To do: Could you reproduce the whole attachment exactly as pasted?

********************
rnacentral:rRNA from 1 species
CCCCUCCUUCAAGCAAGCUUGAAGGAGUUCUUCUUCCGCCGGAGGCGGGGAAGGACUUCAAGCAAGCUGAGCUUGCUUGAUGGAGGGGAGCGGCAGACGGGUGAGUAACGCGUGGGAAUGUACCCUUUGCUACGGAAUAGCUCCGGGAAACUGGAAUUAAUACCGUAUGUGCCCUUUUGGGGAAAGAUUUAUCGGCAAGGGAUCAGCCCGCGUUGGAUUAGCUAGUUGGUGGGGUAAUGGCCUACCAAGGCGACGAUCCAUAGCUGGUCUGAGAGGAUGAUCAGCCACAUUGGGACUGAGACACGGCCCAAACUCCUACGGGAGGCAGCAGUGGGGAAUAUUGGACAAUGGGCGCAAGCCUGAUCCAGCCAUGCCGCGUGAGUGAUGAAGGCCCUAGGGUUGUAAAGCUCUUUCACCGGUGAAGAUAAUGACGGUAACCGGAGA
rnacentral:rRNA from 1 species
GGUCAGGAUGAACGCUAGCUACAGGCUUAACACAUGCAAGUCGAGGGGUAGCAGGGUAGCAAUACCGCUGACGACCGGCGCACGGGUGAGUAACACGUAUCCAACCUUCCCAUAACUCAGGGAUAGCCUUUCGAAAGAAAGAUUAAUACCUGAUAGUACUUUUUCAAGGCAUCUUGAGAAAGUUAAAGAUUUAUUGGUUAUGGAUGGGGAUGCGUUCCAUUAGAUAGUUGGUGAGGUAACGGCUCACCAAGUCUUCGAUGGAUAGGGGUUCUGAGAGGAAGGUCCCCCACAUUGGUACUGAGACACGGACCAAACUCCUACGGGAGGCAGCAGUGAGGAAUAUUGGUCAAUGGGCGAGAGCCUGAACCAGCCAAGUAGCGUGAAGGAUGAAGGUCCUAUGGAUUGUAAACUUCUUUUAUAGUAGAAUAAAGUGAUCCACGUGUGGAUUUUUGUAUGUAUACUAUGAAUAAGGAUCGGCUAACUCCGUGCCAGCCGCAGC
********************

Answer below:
rnacentral:rRNA from 1 species
CCCCUCCUUCAAGCAAGCUUGAAGGAGUUCUUCUUCCGCCGGAGGCGGGGAAGGACUUCAAGCAAGCUGAGCUUGCUUGAUGGAGGGGAGCGGCAGACGGGUGAGUAACGCGUGGGAAUGUACCCUUUGCUACGGAAUAGCUCCGGGAAACUGGAAUUAAUACCGUAUGUGCCCUUUUGGGGAAAGAUUUAUCGGCAAGGGAUCAGCCCGCGUUGGAUUAGCUAGUUGGUGGGGUAAUGGCCUACCAAGGCGACGAUCCAUAGCUGGUCUGAGAGGAUGAUCAGCCACAUUGGGACUGAGACACGGCCCAAACUCCUACGGGAGGCAGCAGUGGGGAAUAUUGGACAAUGGGCGCAAGCCUGAUCCAGCCAUGCCGCGUGAGUGAUGAAGGCCCUAGGGUUGUAAAGCUCUUUCACCGGUGAAGAUAAUGACGGUAACCGGAGA
rnacentral:rRNA from 1 species
GGUCAGGAUGAACGCUAGCUACAGGCUUAACACAUGCAAGUCGAGGGGUAGCAGGGUAGCAAUACCGCUGACGACCGGCGCACGGGUGAGUAACACGUAUCCAACCUUCCCAUAACUCAGGGAUAGCCUUUCGAAAGAAAGAUUAAUACCUGAUAGUACUUUUUCAAGGCAUCUUGAGAAAGUUAAAGAUUUAUUGGUUAUGGAUGGGGAUGCGUUCCAUUAGAUAGUUGGUGAGGUAACGGCUCACCAAGUCUUCGAUGGAUAGGGGUUCUGAGAGGAAGGUCCCCCACAUUGGUACUGAGACACGGACCAAACUCCUACGGGAGGCAGCAGUGAGGAAUAUUGGUCAAUGGGCGAGAGCCUGAACCAGCCAAGUAGCGUGAAGGAUGAAGGUCCUAUGGAUUGUAAACUUCUUUUAUAGUAGAAUAAAGUGAUCCACGUGUGGAUUUUUGUAUGUAUACUAUGAAUAAGGAUCGGCUAACUCCGUGCCAGCCGCAGC